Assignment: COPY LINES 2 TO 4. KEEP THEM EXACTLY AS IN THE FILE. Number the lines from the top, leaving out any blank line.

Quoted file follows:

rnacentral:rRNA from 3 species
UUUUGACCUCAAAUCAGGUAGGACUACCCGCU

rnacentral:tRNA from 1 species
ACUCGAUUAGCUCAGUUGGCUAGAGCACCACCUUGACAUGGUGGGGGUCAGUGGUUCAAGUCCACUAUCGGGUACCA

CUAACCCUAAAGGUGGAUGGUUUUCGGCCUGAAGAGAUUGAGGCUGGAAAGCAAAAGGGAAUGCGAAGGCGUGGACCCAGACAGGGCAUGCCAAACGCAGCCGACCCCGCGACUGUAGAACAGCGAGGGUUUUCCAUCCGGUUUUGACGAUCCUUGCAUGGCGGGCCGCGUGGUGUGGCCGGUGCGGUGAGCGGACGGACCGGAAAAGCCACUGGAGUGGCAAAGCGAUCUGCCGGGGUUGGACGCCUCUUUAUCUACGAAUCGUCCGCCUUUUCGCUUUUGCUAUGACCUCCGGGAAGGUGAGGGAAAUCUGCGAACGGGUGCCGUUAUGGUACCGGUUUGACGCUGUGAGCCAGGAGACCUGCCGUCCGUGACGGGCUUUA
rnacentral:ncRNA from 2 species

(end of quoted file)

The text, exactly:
UUUUGACCUCAAAUCAGGUAGGACUACCCGCU

rnacentral:tRNA from 1 species
ACUCGAUUAGCUCAGUUGGCUAGAGCACCACCUUGACAUGGUGGGGGUCAGUGGUUCAAGUCCACUAUCGGGUACCA